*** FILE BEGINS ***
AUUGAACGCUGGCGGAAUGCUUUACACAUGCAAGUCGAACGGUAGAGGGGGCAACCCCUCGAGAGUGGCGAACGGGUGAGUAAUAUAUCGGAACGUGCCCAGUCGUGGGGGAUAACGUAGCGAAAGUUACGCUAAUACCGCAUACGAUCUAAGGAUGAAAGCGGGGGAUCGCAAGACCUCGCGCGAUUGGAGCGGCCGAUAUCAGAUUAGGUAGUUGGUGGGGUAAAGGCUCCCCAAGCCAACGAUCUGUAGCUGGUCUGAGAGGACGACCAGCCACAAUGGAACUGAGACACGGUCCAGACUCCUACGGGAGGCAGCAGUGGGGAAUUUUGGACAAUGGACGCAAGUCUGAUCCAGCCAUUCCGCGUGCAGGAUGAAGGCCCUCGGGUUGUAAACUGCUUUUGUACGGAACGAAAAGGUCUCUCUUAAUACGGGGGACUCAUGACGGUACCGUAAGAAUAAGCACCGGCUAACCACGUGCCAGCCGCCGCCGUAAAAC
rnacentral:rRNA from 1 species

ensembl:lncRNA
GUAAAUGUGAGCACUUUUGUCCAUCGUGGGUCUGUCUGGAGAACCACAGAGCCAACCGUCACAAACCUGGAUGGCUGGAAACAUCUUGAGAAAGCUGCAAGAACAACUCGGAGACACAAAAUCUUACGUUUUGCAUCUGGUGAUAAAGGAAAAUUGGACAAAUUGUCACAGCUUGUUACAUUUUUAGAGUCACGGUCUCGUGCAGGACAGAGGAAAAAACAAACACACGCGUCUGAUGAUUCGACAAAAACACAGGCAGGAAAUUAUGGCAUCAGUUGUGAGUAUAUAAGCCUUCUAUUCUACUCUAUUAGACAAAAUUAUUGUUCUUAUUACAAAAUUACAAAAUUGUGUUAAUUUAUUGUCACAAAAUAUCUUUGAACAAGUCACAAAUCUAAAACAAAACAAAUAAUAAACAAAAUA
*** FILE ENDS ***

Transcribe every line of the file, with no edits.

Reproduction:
AUUGAACGCUGGCGGAAUGCUUUACACAUGCAAGUCGAACGGUAGAGGGGGCAACCCCUCGAGAGUGGCGAACGGGUGAGUAAUAUAUCGGAACGUGCCCAGUCGUGGGGGAUAACGUAGCGAAAGUUACGCUAAUACCGCAUACGAUCUAAGGAUGAAAGCGGGGGAUCGCAAGACCUCGCGCGAUUGGAGCGGCCGAUAUCAGAUUAGGUAGUUGGUGGGGUAAAGGCUCCCCAAGCCAACGAUCUGUAGCUGGUCUGAGAGGACGACCAGCCACAAUGGAACUGAGACACGGUCCAGACUCCUACGGGAGGCAGCAGUGGGGAAUUUUGGACAAUGGACGCAAGUCUGAUCCAGCCAUUCCGCGUGCAGGAUGAAGGCCCUCGGGUUGUAAACUGCUUUUGUACGGAACGAAAAGGUCUCUCUUAAUACGGGGGACUCAUGACGGUACCGUAAGAAUAAGCACCGGCUAACCACGUGCCAGCCGCCGCCGUAAAAC
rnacentral:rRNA from 1 species

ensembl:lncRNA
GUAAAUGUGAGCACUUUUGUCCAUCGUGGGUCUGUCUGGAGAACCACAGAGCCAACCGUCACAAACCUGGAUGGCUGGAAACAUCUUGAGAAAGCUGCAAGAACAACUCGGAGACACAAAAUCUUACGUUUUGCAUCUGGUGAUAAAGGAAAAUUGGACAAAUUGUCACAGCUUGUUACAUUUUUAGAGUCACGGUCUCGUGCAGGACAGAGGAAAAAACAAACACACGCGUCUGAUGAUUCGACAAAAACACAGGCAGGAAAUUAUGGCAUCAGUUGUGAGUAUAUAAGCCUUCUAUUCUACUCUAUUAGACAAAAUUAUUGUUCUUAUUACAAAAUUACAAAAUUGUGUUAAUUUAUUGUCACAAAAUAUCUUUGAACAAGUCACAAAUCUAAAACAAAACAAAUAAUAAACAAAAUA